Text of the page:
When we went into farming, we both had other jobs and we both still do. We bought our first sheep in 1980 when we were not even out of college (those were the idealistic, everything was possible days). We grew our flock over the years - changing up the genetics as our knowledge increased and we learned more. We have been living this farming life for over 30 years now and always working other jobs to pay the bills. (BTW, Happy Anniversary to The Farmer - 30 years! And I was with Julia visiting Derek and Julianne Hough. Missed it once again.)

Whenever anyone new comes to the farm, both The Farmer and I state flat out "Farming didn't pay for this place." We were rather calculating when we worked on our dream of owning a farm. We both knew we wanted to be here in the Pioneer Valley on a farm with an old house one day but we knew we couldn't afford the place that we wanted if we began our careers here. We worked for 16 years - living in the eastern part of Massachusetts, saving money in order to be able to buy this place. If Julia hadn't come along with her complications, who knows when we would have bit the bullet to move here full-time. Now, we work hard to keep our farm and wonder how long it will be possible. As I weed my garden, I look up every once in a while and thank my lucky stars I landed here. I get rather overwhelmed with the sheer beauty of our hillside and the history. But every time the tax bill arrives, I cringe! Fingers crossed we can keep it all together.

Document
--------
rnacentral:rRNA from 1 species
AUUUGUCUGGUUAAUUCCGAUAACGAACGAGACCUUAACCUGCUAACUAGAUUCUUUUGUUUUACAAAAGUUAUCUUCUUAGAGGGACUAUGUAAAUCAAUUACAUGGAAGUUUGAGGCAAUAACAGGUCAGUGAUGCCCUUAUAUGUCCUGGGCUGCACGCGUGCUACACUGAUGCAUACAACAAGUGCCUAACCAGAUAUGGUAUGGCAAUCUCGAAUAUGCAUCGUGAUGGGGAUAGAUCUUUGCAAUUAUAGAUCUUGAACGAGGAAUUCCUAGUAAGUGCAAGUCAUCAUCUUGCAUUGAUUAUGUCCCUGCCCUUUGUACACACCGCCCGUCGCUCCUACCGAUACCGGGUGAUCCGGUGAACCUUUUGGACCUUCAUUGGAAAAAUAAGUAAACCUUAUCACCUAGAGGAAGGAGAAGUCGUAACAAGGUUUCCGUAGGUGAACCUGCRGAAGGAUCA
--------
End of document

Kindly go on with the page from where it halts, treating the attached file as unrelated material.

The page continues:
Soaking the flowers with lemon slices

Yesterday on The Modern Farmer blog, there was a post called "Stop Romanticizing the Farm." You can read it here. I do agree with several of the points the author Sarah Searle makes but I also know how difficult it is to just keep a farm going. No matter how much money comes in, it is all spent on fixing equipment, feeding animals, and keeping it all going. We have no choice but to do other things to help make a living. That's why I started teaching here at the farm in 2009. It hasn't been that much of a success financially but it helps. At this point I am really not interested in making our place be an event space. We have friends who do that. Raising sheep is a dirty business - no matter what. There is poop, heavy equipment, buckets, hay bales, rusting old equipment that might be able to work one day, overgrazed pastures (it happens) that look nothing like manicured lawns, all matters of things to "decorate" a space which are not at all photogenic and are looked upon by non-farmers as a mess. None of farming is at all romantic when you are deeply involved. It is all work and busyness and trying to keep animals alive. I am not complaining..... just making it real to those who are interested.